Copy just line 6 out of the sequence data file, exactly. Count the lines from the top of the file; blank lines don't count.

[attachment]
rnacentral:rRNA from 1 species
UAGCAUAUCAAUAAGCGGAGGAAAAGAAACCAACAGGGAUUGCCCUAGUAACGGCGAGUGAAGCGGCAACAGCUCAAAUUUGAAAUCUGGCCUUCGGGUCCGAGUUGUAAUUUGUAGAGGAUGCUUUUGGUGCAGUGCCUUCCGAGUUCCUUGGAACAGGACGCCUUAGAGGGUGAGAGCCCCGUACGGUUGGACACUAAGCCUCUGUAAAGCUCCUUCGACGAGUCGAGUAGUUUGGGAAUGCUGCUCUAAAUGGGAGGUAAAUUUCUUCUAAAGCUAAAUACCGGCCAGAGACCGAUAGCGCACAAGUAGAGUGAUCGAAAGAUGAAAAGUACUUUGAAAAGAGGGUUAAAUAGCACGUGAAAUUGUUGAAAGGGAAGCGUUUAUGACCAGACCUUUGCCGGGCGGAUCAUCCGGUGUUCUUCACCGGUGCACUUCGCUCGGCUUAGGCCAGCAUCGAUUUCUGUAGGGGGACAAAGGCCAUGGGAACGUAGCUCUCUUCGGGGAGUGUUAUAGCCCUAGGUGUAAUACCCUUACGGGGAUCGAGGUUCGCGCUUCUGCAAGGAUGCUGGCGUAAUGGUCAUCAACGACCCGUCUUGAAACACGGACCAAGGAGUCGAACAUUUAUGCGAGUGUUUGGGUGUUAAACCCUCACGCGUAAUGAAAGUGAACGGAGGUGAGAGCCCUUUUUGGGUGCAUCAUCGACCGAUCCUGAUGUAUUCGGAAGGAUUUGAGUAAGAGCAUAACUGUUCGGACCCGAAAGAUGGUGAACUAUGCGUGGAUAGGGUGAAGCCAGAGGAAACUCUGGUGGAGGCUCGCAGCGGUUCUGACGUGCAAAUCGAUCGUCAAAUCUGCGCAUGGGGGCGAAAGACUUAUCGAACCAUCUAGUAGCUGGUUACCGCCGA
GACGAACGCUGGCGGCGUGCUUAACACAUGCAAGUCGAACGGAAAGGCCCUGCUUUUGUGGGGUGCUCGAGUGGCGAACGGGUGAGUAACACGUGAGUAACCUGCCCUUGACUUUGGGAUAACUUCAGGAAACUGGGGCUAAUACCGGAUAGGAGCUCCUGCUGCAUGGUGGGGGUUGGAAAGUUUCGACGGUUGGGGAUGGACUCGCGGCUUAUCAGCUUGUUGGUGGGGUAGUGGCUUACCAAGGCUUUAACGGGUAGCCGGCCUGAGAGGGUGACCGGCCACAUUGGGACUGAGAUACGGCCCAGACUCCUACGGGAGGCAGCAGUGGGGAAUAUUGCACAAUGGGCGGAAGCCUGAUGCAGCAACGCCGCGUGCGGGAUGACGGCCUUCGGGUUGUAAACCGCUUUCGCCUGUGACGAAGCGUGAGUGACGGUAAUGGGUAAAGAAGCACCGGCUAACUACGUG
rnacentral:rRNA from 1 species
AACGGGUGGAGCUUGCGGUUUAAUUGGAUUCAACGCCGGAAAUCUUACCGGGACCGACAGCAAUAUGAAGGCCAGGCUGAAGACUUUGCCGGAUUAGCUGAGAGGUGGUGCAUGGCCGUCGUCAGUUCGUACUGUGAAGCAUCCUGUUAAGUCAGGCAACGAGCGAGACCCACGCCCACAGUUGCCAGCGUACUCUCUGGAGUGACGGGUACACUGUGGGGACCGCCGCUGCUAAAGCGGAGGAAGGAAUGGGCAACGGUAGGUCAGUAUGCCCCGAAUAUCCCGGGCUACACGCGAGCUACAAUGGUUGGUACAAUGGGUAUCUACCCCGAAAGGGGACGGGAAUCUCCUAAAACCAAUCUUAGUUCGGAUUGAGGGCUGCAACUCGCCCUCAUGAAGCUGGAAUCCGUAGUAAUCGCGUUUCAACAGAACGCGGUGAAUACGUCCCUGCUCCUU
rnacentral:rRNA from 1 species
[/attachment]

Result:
rnacentral:rRNA from 1 species